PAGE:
Dr. Folegatti also pointed out that the viral vector platform induces not only the humoral but also the cellular response, and that there is some accumulated evidence in recent months showing that cellular immunity may have a more relevant role in protecting against coronavirus in general. Two studies were carried out on non-human primates, two of them with the ferret and one more recent, published in a preprint version, with pigs. The paper is expected to be released in the coming weeks. The researcher pointed out that there is no suitable animal model for evaluating vaccines against SARS-CoV-2, since non-human primates do not get sick like humans and thus it is difficult to transpose the findings. However, the study showed that the vaccine is immunogenic and that it was able to inhibit viral replication in the lower airways. A limitation of the research was that the vaccine did not demonstrate protection against nasal chad.

Dr. Palacios detailed that his candidates route to the vaccine began with the multiplication of the COVID-19 virus in mammalian cells and later the virus is inactivated by a chemical process. In his presentation, the researcher explained that the immune system usually reacts to these preparations with the production of antibodies tailored to the pathogen; and with the amplification of a set of cells that will make more of these antibodies when there is the second dose of vaccination. This is how it happens with the hepatitis A or B vaccine, he exemplified. In May, the journal Science published the results of tests with the vaccine – basically, the multiplied COVID-19 virus itself, purified from the cells in which it grew and properly neutralized, so as not to cause disease – in mice, rats and Rhesus monkeys. For the study, the authors selected 11 strains of SARS-CoV-2. They used one of the strains to inactivate and purify, and used strains from different sources, including European sources, to assess immunogenicity in animals. The mice, rats and monkeys produced antibodies against these strains, an indication that the vaccine could be used against most of the circulating strains.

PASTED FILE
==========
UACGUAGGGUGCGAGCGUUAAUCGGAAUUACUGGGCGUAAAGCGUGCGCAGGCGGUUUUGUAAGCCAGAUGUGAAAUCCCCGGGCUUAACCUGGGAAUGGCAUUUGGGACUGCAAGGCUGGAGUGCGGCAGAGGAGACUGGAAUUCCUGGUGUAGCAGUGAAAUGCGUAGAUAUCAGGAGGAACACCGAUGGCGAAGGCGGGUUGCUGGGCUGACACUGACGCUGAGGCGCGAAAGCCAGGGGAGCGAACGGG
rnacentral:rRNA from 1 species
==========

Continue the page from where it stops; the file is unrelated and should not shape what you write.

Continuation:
Dr. Palacios pointed out that, like the Oxford vaccine, SINOVACs vaccine does not have sterilizing immunity. “There is no way to expect, at least for these first generations, sterilizing immunity, although there is a reduction in the amount of viruses that are recovered in the upper areas. And this reduction can have some indirect effect by reducing viral load”, he added. According to him, a vaccinated person will have less chance of transmitting, but it cannot be said that there will be sterilizing immunity as it exists, for example, in the measles vaccine, in which even eradication can be sought. For the researcher, in this case, eradication is not a feasible prospect at the moment. He also recalled that the World Health Organization (WHO) and the American regulatory agency, FDA, recommend that a vaccine that demonstrates at least 50% protection is subject to approval, commercialization and distribution. The good news is that SARS-CoV-2 does not present the pathology paradoxical to the vaccine, that is, a disease enhanced by vaccine.

Dr. Lopes, one of the debaters, in her considerations did not hide her enthusiasm and praised the two promising vaccines investigated in Brazil, a very big differential, according to her. For the professor, the more products, the more chances of containing the pandemic. I believe that other vaccines will probably come to be investigated and this will help to contain the pandemic she said. In her speech, Dr. Lopes echoed a comment published in the journal Lancet, on May 20 by French authors, in which they feared politicization and as a result the hesitation regarding the COVID vaccine in France.